We attended another intense basketball game this past Sunday — the Oregon State University women versus the University of Southern California. it had to have been a very disappointing road trip for the USC women: losing to us in a close game after a double overtime loss to Oregon on Friday.
On a week where we witnessed an OSU student representative being voted out because of his white supremacist actions (our welcoming yard signs were also defaced by this person’s decals) and where we were reminded that three of Oregon State’s buildings will be renamed based upon evidence of the namesakes’ racism, it was extremely disheartening to read about the racist comments directed toward the USC women’s basketball team as they were leaving the court on Sunday. Sporting events are too often the venue where white people are emboldened to direct racial epithets towards African-Americans.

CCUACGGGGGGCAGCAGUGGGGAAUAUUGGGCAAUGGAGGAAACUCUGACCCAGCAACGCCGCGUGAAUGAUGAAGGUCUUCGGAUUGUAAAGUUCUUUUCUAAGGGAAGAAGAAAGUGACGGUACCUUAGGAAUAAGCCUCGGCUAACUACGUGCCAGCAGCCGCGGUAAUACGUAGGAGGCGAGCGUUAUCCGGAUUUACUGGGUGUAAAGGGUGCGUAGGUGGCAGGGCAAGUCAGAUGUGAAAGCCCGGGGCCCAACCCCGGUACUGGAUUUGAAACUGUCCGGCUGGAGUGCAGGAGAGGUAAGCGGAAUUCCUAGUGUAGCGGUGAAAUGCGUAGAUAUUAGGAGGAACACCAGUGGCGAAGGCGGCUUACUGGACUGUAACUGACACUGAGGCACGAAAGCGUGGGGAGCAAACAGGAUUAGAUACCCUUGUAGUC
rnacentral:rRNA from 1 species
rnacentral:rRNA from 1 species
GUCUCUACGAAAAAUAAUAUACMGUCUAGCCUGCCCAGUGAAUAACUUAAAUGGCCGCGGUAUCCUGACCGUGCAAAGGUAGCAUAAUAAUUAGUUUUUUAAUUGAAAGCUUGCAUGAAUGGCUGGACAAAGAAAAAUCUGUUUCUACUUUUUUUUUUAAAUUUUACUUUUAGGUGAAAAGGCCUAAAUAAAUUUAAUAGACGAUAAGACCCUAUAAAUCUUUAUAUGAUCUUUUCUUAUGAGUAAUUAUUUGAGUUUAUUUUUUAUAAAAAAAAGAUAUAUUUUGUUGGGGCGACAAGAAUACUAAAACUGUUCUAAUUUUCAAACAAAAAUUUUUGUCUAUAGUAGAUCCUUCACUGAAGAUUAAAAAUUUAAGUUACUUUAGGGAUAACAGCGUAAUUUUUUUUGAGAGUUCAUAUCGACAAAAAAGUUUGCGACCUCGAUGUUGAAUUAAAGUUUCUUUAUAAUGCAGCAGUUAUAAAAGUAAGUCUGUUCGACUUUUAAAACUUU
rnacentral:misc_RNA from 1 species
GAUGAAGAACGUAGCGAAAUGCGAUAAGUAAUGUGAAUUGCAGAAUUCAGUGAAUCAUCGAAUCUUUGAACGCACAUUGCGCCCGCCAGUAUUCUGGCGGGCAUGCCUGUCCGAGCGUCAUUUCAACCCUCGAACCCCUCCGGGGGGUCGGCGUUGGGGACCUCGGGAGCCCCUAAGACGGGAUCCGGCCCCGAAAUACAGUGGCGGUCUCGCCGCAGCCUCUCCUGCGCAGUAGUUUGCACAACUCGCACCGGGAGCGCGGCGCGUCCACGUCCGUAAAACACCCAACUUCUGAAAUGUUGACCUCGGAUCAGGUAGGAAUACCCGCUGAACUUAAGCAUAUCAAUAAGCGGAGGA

So who are we, really, Corvallis? Do we have the best fans in the Pac-12, or is that simply a hollow, catchy marketing phrase? We claim to be a community that celebrates diversity, yet our overwhelming whiteness still allows for an atmosphere of intimidation for people of color. Did people next to those who used racial slurs openly challenge those comments at the time they were made?
It is not always easy or comfortable to stand up for something we know is the right thing to do, but that is when courage is most required from each of us.
John and Ann Poling Hawkins
Corvallis (Feb. 19)